|A person tolerated only because he pays the shot, or reckoning, for the rest of the company, otherwise a mere clog on them. Thou common shot-clog, gull of all companies.- Chapman.|
producing or capable of producing offspring, fruit, vegetation, etc., in abundance; prolific; fruitful: fecund parents; fecund farmland.very productive or creative intellectually: the fecund years of the Italian Renaissance.
1375–1425; late Middle English < Latin fēcundus, equivalent to fē- (see fetus) + -cundus adj. suffix; replacing late Middle English fecounde < Anglo-FrenchRelated formsnon·fe·cund, adjectiveun·fe·cund, adjective
n. – admiration of a particular part of someone’s body
“This agastopia I have for your neck renders me insensate.”
“Have you ever noticed his agastopia? He cannot raise his eyes above waist level when a particularly callipygian woman walks by.”
treacles (plural noun)
thick, sticky dark syrup made from partly refined sugar; molasses. cloying sentimentality or flattery.” enough of this treacle—let’s get back to business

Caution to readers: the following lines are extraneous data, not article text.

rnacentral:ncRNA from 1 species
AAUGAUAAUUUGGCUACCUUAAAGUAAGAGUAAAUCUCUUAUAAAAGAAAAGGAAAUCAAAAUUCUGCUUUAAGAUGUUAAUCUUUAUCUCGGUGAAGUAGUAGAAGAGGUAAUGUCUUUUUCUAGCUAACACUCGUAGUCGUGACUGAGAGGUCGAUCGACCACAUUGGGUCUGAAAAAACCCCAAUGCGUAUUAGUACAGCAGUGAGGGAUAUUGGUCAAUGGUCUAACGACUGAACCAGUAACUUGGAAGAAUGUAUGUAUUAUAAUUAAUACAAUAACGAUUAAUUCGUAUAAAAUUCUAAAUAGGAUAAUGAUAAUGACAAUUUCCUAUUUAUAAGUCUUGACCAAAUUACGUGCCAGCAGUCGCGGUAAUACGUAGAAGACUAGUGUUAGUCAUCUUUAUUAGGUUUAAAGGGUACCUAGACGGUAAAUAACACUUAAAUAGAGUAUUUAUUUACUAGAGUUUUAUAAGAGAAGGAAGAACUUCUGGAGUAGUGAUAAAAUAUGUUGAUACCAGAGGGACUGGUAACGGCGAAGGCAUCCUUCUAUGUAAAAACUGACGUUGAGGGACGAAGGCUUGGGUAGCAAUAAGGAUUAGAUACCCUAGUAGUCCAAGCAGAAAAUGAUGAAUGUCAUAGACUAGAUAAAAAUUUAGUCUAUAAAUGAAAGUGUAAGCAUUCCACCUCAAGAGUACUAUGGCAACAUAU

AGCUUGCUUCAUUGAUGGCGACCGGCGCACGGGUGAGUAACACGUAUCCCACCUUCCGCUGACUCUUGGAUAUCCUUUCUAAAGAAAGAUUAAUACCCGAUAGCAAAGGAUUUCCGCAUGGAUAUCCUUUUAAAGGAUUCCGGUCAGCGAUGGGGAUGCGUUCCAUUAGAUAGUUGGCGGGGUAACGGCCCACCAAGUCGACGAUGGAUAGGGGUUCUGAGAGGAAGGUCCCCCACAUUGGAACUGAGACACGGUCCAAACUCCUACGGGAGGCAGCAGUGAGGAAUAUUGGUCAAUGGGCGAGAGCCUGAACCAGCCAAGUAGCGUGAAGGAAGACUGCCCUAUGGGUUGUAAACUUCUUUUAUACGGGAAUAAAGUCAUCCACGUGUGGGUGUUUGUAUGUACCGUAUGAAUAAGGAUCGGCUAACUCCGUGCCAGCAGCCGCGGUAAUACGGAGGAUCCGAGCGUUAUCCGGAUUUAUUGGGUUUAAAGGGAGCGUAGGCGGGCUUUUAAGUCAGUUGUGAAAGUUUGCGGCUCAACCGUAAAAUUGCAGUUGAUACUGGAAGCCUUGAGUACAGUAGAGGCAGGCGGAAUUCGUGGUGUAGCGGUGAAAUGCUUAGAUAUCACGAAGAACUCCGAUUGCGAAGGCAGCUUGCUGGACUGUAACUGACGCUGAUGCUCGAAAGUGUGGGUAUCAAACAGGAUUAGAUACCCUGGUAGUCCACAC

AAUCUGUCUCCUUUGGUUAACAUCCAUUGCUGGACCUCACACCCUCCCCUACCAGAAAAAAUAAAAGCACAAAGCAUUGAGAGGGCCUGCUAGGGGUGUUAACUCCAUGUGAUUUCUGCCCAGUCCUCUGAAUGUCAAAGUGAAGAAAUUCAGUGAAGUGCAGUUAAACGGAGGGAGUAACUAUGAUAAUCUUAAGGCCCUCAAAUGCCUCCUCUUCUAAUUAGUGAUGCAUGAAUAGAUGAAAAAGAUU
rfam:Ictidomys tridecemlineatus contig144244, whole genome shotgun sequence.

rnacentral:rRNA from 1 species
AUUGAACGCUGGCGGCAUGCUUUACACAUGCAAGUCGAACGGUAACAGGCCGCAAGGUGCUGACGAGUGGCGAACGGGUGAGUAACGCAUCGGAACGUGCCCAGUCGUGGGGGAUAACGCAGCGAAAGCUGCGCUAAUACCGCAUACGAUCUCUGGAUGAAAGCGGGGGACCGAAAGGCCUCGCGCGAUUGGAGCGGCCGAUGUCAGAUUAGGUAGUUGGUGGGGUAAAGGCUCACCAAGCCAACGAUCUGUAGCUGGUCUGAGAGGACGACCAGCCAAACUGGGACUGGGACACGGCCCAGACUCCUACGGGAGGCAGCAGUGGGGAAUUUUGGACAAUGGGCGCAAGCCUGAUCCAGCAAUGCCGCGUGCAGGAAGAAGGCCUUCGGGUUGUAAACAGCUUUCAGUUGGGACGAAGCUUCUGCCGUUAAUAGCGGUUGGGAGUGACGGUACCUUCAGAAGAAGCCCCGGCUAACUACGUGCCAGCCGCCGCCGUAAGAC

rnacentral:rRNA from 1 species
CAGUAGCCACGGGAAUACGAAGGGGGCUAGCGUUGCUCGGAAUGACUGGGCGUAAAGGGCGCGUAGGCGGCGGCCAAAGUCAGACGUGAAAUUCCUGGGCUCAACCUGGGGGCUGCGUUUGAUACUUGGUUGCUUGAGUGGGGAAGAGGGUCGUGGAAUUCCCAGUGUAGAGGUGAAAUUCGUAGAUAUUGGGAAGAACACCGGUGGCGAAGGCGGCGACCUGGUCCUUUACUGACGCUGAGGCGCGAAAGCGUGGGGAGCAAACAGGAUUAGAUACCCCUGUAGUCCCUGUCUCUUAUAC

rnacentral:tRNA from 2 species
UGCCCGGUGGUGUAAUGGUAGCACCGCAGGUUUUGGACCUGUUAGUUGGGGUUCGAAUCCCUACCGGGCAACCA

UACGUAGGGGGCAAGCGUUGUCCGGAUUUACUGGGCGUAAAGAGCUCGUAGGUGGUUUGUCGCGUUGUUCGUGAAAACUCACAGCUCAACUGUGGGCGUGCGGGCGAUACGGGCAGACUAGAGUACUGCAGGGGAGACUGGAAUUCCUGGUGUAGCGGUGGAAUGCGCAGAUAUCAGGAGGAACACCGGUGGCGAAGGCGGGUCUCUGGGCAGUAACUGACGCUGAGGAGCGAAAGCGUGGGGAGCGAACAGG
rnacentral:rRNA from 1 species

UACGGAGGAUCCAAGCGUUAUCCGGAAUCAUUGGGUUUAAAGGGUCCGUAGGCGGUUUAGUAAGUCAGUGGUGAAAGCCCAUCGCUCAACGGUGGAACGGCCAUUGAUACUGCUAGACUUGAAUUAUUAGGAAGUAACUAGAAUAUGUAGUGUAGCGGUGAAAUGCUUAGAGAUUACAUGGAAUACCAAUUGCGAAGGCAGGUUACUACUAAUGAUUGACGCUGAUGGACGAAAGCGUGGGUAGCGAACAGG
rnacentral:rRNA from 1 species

Middle English (originally denoting an antidote against venom): from Old French triacle, via Latin from Greek thēriakē ‘antidote against venom’, feminine of thēriakos (adjective), from thērion ‘wild beast British
Current senses date from the late 17th century.
NOUN rare – the skillful and harmonious arrangement or fitting together of the different parts of something. studied elegance of literary or artistic style.
ORIGIN mid 16th century: from Latin
obfuscates (third person present) · obfuscated (past tense) · obfuscated (past participle) · obfuscating (present participle)
render obscure, unclear, or unintelligible.
“the spelling changes will deform some familiar words and obfuscate their etymological origins”
obscure · confuse · make obscure/unclear · blur · muddle · jumble · complicate · garble · muddy · cloud · befog · muddy the waters
“it is more likely to obfuscate people than enlighten them”
bewilder · mystify · puzzle · perplex · baffle · confound · bemuse · befuddle · nonplus · flummox · wilder · maze · gravel
late Middle English: from late Latin obfuscat- ‘darkened’, from the verb obfuscare, based on Latin fuscus ‘dark’.